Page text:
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I Need This Off My Chest

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Irrational Fear of Rain

Living home alone for the past few days made me think a lot on where I’ve been, where I am and where I want to be. The past few months, a rough rainy season, made me realise that no matter how easy life is, it doesn’t take that much for you to find yourself at rock bottom or be so close to losing those you hold dear the most. If you are getting tired of reading my babble please do me a favour: remember to tell your loved ones what you truly feel about them no matter how cheesy it would turn out to be.

I’ve developed an irrational fear of rain and bad weather. It was triggered by the disaster that is typhoon Maring on the 12th of September 2017. Our area is prone to regular minor flooding during the rainy season. On the evening of the 11th of September my wife and I prepared. I took our car outside of the subdivision where it will be safe and we took all important belongings upstairs just in case. Disaster management people are already laying down ropes preparing for the worse. For most people it was just rain. Everybody is still waiting for any class suspension related news. In only a couple of hours the storm has generated a raging flash flood.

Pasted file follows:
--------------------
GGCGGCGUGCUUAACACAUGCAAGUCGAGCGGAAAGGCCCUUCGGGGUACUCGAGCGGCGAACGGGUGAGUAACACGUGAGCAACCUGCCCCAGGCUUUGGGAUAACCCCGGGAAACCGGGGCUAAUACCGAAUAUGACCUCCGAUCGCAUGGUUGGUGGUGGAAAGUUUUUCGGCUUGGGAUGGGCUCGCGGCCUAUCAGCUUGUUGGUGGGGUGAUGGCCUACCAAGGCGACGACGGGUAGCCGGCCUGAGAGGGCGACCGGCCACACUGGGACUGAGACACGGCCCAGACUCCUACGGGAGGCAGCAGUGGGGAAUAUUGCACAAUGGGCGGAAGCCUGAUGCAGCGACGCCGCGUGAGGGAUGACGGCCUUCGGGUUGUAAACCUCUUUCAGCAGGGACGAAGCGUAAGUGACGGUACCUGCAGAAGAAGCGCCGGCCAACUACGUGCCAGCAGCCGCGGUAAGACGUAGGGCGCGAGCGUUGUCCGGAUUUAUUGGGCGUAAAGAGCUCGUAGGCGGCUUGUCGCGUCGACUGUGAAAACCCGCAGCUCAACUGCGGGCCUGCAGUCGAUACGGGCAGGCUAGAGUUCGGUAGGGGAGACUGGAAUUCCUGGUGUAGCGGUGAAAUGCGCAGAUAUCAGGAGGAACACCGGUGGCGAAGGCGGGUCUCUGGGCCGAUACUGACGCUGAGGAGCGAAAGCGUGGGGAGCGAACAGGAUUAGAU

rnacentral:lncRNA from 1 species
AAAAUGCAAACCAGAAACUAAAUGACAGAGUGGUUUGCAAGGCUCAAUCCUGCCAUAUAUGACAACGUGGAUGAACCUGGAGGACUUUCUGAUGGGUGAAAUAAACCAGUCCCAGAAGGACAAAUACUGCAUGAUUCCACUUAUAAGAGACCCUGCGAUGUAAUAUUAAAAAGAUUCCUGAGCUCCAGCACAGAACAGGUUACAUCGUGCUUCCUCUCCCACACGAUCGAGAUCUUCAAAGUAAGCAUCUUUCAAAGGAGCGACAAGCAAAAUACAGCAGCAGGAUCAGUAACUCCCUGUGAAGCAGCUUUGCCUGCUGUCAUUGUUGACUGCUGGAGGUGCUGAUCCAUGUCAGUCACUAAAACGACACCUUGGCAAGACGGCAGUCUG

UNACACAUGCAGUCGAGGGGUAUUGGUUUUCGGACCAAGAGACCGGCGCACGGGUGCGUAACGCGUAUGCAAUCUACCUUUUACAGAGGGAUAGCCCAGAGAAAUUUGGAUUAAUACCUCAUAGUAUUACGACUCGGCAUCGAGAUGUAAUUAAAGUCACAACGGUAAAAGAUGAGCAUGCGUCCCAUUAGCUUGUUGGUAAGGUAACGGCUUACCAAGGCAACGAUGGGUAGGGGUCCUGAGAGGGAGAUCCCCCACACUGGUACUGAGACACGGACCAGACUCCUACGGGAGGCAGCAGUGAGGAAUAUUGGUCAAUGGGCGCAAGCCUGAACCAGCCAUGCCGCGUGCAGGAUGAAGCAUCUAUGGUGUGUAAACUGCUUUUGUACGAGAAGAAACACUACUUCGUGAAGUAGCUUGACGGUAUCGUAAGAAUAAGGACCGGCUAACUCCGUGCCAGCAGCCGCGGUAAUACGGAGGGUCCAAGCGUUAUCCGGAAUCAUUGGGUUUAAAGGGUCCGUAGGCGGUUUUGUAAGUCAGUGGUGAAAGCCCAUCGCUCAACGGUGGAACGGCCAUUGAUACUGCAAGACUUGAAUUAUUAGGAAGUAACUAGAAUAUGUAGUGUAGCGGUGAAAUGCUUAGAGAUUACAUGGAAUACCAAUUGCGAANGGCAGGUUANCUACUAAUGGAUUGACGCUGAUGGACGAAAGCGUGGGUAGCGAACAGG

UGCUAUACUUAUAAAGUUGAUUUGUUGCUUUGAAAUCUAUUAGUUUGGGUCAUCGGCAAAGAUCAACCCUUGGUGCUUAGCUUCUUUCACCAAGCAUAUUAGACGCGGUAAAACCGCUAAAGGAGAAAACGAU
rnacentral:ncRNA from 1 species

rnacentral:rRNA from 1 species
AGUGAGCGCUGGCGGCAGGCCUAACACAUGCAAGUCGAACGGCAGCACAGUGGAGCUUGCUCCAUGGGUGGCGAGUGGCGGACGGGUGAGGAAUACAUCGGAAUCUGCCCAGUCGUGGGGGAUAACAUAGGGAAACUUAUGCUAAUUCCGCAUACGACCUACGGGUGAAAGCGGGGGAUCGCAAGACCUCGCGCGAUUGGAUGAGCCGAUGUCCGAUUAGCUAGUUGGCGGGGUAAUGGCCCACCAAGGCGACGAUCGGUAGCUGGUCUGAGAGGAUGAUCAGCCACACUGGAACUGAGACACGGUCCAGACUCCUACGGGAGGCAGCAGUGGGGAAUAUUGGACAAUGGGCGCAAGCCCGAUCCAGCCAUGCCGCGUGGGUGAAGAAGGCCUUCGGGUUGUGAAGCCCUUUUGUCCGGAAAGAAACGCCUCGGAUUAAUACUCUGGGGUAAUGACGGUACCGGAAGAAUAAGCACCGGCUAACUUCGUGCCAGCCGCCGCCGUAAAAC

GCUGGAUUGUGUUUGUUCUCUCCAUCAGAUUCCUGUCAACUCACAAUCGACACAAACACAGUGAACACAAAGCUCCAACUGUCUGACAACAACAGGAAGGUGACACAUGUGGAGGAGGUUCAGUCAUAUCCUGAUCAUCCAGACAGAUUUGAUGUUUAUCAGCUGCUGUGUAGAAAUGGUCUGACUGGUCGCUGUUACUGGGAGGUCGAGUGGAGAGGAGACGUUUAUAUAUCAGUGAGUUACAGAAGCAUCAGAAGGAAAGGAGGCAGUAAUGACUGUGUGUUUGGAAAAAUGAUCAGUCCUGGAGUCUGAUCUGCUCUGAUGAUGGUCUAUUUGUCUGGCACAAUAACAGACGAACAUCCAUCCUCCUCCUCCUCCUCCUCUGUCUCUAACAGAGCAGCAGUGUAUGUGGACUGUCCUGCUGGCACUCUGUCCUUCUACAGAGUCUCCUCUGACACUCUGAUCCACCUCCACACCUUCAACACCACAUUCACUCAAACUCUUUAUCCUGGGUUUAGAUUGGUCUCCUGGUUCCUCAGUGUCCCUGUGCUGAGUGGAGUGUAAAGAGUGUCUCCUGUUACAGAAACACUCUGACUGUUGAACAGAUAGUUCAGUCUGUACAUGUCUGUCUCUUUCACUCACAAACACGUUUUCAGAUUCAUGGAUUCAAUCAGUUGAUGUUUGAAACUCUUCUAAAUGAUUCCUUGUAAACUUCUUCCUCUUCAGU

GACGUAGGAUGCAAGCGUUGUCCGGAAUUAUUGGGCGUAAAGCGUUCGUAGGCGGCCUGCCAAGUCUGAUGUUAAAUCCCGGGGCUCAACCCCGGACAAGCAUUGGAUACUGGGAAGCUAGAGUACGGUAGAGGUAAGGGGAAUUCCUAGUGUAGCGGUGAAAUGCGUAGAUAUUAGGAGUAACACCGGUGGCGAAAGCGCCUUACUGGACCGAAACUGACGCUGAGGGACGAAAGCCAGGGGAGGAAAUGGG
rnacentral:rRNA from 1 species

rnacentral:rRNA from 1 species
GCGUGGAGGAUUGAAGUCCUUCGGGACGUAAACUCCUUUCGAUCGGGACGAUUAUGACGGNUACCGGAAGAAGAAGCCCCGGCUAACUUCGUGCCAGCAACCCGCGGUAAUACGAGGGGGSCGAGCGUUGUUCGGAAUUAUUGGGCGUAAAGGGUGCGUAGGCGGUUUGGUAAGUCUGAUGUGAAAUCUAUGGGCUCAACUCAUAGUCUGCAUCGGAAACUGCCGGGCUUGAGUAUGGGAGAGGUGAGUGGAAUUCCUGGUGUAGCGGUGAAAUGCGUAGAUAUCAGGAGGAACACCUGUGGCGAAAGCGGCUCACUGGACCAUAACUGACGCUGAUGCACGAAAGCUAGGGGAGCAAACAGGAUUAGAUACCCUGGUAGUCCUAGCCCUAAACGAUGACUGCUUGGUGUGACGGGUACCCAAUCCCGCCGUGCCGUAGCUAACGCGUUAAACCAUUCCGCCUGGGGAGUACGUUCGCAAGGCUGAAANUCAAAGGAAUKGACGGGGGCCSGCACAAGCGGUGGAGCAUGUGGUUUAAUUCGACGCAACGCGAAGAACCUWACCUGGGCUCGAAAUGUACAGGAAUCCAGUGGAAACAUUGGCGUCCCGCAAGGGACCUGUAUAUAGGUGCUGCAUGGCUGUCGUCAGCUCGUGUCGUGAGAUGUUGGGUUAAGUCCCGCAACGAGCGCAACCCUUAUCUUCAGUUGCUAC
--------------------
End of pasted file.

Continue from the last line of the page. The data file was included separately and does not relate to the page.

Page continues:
Our stuff are already upstairs and we are taking a break when get got a call from one of our in-laws. Water is starting to rise where I took my car to be safe. I immediately took off with my car keys. When I left the house the flood water is just below my waist. The flood water level falls as I go further down the street towards an intersection where I need to make a turn. As a I reach the intersection The flood water is over my ankles but it is moving so fast that I cannot take a step without loosing my footing. I took off my slippers and the fast moving water took it in an instant. My car is just a few meters away. I can hear the faint noise of people shouting in panic. I can see faint light (flash lights) cutting through the darkness but it is a total blur because of the very low visibility because of the rain.

I tried crawling but that failed spectacularly. When I got up I realised I must have broken my electronic dongle so I won’t be able to start the car anyway. After spacing out for a bit because I’m now in total darkness, I only just realised the power is gone, I realised that I am not waist deep in flood waters that moments earlier are knee high. On my way back a neighbour ask me if my car is out there and I told him yes. He asked me if I think it is lost and I told him yes. His car is out there too.